FFRF asks Ala. school to keep future graduations secular

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The Freedom From Religion Foundation has asked a public high school in Alabama to cease endorsing religion in its future graduation activities.

After Opp High School in Opp, Ala., scheduled religion into its graduation functions, FFRF Staff Attorney Sam Grover wrote to the school district superintendent. Grover cautioned the district that courts have ruled that public school graduation activities must be secular.

The high school scheduled a baccalaureate service in its auditorium on May 21 during which the school principal, Aaron Hightower, led seniors in prayer. Religious activities were also added into the school’s graduation ceremony. High school administrators scheduled a prayer for the event that was delivered to the audience by a student. Additionally, the speech that Hightower gave included references to God and prayer.

FFRF wrote to the district asking that it refrain from sponsoring future baccalaureate services and that it ensure that no prayers are scheduled for future high school graduation ceremonies.

“Opp City Schools has a legal duty to remain neutral toward religion. It makes no difference how many students want religious speeches or wouldn’t be offended by them at their graduation,” wrote Grover. “A graduation should be a celebration for all students, not an exercise in alienating nonreligious students with a Christian message.” A baccalaureate service, moreover, is an exclusively religious event. The letter points out that it is illegal for public schools to endorse or schedule a baccalaureate service at all.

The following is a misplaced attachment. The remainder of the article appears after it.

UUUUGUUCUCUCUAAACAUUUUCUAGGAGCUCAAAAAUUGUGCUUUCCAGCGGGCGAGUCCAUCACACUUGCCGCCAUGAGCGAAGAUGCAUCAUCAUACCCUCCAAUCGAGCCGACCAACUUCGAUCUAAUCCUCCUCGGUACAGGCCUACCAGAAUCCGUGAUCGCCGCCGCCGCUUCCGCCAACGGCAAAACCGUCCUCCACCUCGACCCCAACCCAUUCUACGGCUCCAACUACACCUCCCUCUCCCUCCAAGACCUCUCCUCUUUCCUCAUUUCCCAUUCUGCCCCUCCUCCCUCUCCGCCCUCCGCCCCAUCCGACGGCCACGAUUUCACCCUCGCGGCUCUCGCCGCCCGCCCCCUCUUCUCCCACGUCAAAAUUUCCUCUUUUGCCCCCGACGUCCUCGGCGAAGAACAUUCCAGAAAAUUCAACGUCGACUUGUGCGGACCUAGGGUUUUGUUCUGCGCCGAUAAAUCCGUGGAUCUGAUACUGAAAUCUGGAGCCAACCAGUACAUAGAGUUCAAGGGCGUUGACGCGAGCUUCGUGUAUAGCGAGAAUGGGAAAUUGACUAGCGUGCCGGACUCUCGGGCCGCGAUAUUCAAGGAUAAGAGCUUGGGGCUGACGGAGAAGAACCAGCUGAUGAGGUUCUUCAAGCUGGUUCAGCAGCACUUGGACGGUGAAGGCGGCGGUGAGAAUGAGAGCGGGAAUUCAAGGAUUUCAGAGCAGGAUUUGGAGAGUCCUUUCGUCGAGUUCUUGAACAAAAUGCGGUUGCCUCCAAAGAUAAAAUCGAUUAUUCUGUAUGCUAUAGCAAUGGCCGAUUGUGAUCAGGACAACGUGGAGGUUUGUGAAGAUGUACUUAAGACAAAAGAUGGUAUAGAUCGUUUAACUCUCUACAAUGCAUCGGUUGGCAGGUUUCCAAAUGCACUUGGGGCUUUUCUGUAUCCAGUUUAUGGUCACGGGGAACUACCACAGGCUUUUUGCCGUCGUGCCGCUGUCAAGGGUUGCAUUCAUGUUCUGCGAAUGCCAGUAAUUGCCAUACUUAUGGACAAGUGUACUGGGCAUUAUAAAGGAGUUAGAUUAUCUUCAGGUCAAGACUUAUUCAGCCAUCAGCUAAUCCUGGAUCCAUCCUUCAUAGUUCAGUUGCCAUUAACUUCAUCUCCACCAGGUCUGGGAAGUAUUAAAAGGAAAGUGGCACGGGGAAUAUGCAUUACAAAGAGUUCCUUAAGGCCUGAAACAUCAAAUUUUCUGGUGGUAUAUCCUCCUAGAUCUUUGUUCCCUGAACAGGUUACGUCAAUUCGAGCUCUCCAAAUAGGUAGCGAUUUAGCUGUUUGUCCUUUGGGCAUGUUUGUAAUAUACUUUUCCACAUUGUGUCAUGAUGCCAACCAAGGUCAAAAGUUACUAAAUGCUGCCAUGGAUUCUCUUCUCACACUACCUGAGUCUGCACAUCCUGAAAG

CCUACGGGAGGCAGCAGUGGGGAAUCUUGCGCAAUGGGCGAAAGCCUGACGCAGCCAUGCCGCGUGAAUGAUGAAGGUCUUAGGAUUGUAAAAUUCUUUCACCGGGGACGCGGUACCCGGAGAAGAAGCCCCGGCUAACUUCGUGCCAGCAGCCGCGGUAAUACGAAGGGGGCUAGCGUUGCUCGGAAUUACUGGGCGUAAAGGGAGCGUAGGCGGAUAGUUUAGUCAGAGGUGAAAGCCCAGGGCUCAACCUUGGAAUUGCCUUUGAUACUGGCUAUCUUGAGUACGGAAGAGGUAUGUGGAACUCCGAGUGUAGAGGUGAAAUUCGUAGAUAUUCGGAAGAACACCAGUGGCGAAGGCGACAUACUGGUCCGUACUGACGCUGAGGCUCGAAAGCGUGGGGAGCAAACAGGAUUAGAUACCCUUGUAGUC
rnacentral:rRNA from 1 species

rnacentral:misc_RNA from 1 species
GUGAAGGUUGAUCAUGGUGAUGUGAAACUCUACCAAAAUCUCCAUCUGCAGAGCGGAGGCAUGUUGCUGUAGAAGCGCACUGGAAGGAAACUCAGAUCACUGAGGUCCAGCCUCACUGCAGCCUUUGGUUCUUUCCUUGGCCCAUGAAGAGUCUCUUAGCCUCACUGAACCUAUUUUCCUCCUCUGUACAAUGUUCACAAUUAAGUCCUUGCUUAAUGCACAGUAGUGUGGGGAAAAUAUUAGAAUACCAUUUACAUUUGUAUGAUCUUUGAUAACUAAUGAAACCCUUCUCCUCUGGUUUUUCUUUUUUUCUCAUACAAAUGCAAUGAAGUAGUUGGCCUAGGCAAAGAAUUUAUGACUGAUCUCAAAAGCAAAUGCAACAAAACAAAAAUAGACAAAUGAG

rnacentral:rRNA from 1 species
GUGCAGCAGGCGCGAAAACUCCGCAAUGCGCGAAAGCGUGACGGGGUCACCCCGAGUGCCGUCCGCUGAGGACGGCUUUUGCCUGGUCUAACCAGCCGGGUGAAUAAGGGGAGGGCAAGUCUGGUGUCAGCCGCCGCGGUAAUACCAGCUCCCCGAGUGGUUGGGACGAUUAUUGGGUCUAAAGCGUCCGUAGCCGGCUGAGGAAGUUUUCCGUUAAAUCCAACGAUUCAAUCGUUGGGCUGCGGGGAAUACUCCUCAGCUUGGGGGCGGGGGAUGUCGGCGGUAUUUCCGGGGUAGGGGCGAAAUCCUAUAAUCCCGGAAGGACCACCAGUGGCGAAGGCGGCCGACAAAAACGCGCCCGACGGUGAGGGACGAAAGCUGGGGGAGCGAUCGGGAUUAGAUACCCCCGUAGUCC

By scheduling graduation prayers and a baccalaureate, the school district has failed to comply with constitutional law. FFRF advises that it avoid similar legal breaches of the First Amendment going forward. After all, as FFRF Co-President Annie Laurie Gaylor says, “high school graduations should honor the students, not a religion.”

The Freedom From Religion Foundation is a national nonprofit organization with more than 29,000 members and chapters across the country, including 175 members in Alabama. Its purpose is to protect the constitutional principle of separation between state and church.

Photo by Biaphoo

Freedom From Religion Foundation

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